Palmitone as a potential species-specific biomarker for the crop plant taro (Colocasia esculenta Schott) on remote Pacific Islands.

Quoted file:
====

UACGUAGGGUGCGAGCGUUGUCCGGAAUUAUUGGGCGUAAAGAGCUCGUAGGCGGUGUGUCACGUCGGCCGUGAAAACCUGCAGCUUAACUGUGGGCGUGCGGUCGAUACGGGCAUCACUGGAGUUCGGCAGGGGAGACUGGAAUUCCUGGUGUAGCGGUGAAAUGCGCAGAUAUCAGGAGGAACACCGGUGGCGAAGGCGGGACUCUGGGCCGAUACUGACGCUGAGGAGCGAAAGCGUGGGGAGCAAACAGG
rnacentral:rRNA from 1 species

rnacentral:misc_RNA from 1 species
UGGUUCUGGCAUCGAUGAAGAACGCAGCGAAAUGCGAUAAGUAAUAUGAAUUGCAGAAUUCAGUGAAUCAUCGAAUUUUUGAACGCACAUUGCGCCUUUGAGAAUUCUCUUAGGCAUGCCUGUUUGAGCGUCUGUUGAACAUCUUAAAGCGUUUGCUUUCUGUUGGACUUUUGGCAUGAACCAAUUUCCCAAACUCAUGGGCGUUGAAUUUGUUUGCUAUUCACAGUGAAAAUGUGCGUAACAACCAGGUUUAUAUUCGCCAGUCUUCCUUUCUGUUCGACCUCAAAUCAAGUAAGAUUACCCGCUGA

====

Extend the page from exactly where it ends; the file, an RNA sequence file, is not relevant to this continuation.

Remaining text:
The Pacific Island ecosystems of Remote Oceania were dramatically transformed following the arrival of humans within the last ~3000 years, as the new settlers required technological innovations and environmental modifications to maintain their populations. These modifications included the introduction of numerous exotic species, including the important crop Colocasia esculenta Schott (taro) and the development of infrastructure suitable for its cultivation. Archaeological reconstruction of C. esculenta use in the Pacific has been challenging because of the low-specificity of fossil starch granules and its limited pollen production during periods of intense cultivation. Here, we assess a lipid biomarker approach to trace C. esculenta cultivation in the past. We characterized the neutral lipid compositions of leaf samples from common cultivars and widespread indigenous species from the archipelago of Vanuatu by gas chromatography-mass spectrometry (GC-MS). The compound palmitone (hentriacontan-16-one) was a major leaf wax constituent in C. esculenta cultivar samples (mean concentration of 402 ± 63 µg g- 1 dry wt) and was only detected in one other species, the ornamental tree Cananga odorata (175 µg g- 1 dry wt). The structure of palmitone is favorable for its long-term stability and we demonstrate its preservation potential in a 55 cm sedimentary record from Lake Vesalea on Espiritu Santo, Vanuatu, where C. esculenta is grown today. Palmitone concentrations in this core fluctuated up to 4.1 µg g- 1 dry wt. Our results indicate that in appropriate environmental contexts, sedimentary palmitone concentrations could be used to reconstruct C. esculenta cultivation and to provide insights about past horticultural innovations in Remote Oceania.